No Comments Yet »

Article on Halitosis gets it Mostly Right

Thursday, February 16th, 2012

Getting rid of halitosis isn’t always easy. Heck, even writing about eliminating bad breath can be a bit of a challenge. The details of oral odor aren’t always so simple to disentangle, which is why we’d like to address a few below.

Recently, Dr. Katz talked to MSN HIM about the causes of oral odor and the best halitosis treatments. The news source did a great job of hitting all the major offenders: low saliva flow, prescriptions that cause dry mouth, dehydration, tonsil stones, deep grooves in the surface of the tongue, smoking, dietary proteins – even alcohol-based mouthwashes!

However, we’d like to offer a few small corrections on detecting oral odor, as well as the best halitosis treatments available.

The source noted that it’s possible to smell your own bad breath by exhaling into your cupped hands and then quickly sniffing. This is a common misconception, since most of us have tried the method but few of us can recall being sure afterward whether we had halitosis. If breathing into our hands really worked, we’d always know if we stunk, and take appropriate countermeasures.

To definitely discover whether your mouth is funky, try licking the back of your hand instead. Then sniff the spot to see if it has an odor. This method is just as discreet, while having the benefit of actually working!

Also, keep in mind that triclosan (an odor-fighting ingredient mentioned in the article) is probably best left alone. Besides being an irritant, this chemical is technically a pesticide. It’s generally better to use specialty breath fresheners that contain all-natural ingredients.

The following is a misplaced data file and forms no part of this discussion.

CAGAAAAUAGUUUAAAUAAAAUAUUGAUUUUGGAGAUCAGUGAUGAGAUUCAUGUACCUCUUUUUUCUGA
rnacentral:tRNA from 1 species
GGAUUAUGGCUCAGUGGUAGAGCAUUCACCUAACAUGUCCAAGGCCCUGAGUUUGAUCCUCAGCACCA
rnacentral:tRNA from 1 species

No Comments Yet »

Questionable use of Triclosan in Toothpaste

Monday, January 30th, 2012

Every day we use thousands of household products, but we do actually know what we are putting on our skin and into our mouths?

A recent article published on once again questions the use of Triclosan in toothpastes and other household antibacterial products.

The article states that “The EU’s Scientific Committee on Consumer Safety has warned that triclosan may promote widespread bacterial resistance to antibiotics and has called for further safety studies.”

The U.S. Food and Drug Administration is still conducting tests on Triclosan and its side effects, but has at this time stated that they do not believe it is hazardous to our health.

Triclosan (a chemical) has been in use since 1972. However, it has been linked to “a range of adverse health and environmental effects, from skin irritation, allergy susceptibility, bacterial, endocrine disruption and compounded antibiotic resistance” according to

Triclosan is proven to help with preventing plaque and gum disease. The chemical does have antibacterial and antifungal properties.  But is using it worth the potential risks?


No Comments Yet »